I know education intimately. I’ve worked w/ urban schools, k-university, since 1990. At the district, state, & national levels. I’ve met w/ officials from across the globe (literally: Africa, Europe, Australia…). I have educator friends & colleagues around the country. So keep that in mind. The pro-DeVos argument is loaded w/ biased rhetoric. Let’s begin w/ […]
But sometimes I’m the one who forgets to be respectful. Right now, I’m seething over the Texas state school board’s decision to load the textbook committee with creationists. Which means — since Texas has a huge textbook market, and drives the output of many textbook publishers — that evolution may have a hard time in upcoming science (& other) textbooks.
I’m breathing sloooowly, inhaling my anger at what this will do to the futures of an entire state’s children. Exhaling balance, since I don’t see this as a peace-maker possibility. When people have strong faith, they are not (usually) willing to discuss. Much less compromise. At least here in Oklahoma, ‘discussing’ evolution vs. creationism means I want you to agree with me. And as I confessed, I’m often one of the guiltiest…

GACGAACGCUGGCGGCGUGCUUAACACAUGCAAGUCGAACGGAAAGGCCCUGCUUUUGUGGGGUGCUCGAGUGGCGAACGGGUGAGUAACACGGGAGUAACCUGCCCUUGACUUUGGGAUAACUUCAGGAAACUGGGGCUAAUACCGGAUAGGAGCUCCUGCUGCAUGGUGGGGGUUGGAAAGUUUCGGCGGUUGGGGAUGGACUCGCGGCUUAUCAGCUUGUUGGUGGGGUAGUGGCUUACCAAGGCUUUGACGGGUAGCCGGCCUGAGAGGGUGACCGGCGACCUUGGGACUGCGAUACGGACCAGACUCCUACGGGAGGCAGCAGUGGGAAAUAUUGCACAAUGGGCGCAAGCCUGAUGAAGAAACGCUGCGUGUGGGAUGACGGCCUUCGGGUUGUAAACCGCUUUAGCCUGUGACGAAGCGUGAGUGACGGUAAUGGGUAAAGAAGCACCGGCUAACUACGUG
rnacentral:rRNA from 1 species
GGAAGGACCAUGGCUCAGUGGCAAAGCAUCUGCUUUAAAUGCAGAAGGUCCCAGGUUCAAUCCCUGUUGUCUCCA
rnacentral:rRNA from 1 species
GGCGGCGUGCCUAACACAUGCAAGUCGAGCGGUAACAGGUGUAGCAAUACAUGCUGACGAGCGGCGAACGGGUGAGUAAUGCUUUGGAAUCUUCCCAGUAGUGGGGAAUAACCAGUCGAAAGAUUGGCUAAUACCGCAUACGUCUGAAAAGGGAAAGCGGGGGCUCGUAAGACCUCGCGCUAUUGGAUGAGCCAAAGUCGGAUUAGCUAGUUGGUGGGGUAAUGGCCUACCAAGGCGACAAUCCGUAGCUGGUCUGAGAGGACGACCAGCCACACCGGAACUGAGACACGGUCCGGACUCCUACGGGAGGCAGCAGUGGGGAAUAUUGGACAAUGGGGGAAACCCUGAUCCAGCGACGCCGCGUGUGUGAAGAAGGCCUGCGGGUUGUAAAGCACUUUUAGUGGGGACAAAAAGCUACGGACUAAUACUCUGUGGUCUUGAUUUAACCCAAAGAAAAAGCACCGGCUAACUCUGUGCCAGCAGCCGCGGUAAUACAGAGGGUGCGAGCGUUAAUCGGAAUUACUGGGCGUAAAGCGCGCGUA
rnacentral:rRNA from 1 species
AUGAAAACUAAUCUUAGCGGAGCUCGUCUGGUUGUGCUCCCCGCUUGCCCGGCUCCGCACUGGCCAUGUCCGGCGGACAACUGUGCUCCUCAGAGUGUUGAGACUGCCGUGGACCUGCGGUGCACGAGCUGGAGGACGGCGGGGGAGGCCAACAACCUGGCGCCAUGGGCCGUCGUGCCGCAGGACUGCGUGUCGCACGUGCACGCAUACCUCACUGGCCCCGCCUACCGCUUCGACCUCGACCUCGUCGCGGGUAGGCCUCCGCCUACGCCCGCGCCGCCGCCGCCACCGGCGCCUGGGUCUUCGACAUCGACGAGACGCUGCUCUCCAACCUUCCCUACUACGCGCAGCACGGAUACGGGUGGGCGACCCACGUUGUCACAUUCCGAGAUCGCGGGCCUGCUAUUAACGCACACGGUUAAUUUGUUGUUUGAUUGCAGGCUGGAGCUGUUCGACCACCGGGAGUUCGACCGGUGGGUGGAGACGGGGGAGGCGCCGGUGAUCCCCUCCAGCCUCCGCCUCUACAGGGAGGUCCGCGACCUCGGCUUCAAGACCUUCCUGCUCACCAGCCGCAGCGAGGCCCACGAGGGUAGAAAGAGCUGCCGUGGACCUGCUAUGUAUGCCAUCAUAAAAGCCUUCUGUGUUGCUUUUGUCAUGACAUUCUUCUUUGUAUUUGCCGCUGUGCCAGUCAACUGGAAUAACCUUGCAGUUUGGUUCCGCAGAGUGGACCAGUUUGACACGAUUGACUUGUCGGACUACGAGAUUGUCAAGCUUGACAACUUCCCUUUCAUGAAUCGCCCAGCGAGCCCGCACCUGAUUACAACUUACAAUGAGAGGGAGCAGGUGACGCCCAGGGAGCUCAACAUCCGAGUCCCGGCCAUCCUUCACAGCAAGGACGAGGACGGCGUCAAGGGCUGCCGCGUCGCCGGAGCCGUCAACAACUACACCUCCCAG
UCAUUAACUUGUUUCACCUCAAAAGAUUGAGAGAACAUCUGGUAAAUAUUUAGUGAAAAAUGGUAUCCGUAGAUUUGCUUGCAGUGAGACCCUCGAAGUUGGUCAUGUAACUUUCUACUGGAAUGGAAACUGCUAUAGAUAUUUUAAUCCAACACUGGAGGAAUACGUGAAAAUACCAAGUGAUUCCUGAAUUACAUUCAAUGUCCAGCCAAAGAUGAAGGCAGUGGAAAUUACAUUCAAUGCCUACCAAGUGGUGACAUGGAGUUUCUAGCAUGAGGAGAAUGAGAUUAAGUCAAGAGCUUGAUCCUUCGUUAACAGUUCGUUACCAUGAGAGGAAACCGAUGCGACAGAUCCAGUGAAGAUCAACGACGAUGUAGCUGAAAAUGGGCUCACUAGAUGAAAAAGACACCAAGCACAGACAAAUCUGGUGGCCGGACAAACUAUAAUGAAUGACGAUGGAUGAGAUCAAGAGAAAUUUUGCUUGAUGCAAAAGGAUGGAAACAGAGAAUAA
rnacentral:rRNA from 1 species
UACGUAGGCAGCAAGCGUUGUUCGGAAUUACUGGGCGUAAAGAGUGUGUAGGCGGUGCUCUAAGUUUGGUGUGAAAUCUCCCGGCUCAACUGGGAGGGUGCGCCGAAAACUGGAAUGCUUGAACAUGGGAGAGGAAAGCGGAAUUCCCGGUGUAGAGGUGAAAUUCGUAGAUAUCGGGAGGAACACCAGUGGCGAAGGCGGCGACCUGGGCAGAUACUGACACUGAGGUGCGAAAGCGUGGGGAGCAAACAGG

It’s hard for me to understand how people can believe the earth is only 10,000 years old. And yes, I realise that creationists believe in a literal reading of Genesis. But not one of the creationists I know reads the REST of the Old Testament literally. The women don’t wear long hair. The families don’t keep kosher. And all the other ‘laws’ of the Old Testament we have (rightfully) decided don’t belong in the 21st century.
What happens to faith if we believe in metaphor? Because if we don’t, sooo much of science is problematic. Which may account for why only about 1/3 of scientists believe in God. But that’s a misleading number: more than half (51%) believe in God/ a universal spirit/ a higher power. That’s not bad, given that scientists aren’t much on ‘faith,’ but want ‘evidence.’ 🙂
I do believe in something. But I don’t name it. And I don’t quantify it. Nor do I think whatever is behind everything — Buddha nature? — is, ultimately, ‘know-able.’ I’m a human speck, for cryin’ out loud! How on earth — or in heaven — can I expect to understand what made everything that was/ is/ shall be possible??
But you know what? I’m okay with that. I just wish I could articulate it — politely — in a way that convinced folks I know what I think. Because I’m really not interested in changing. Any more than they are! 🙂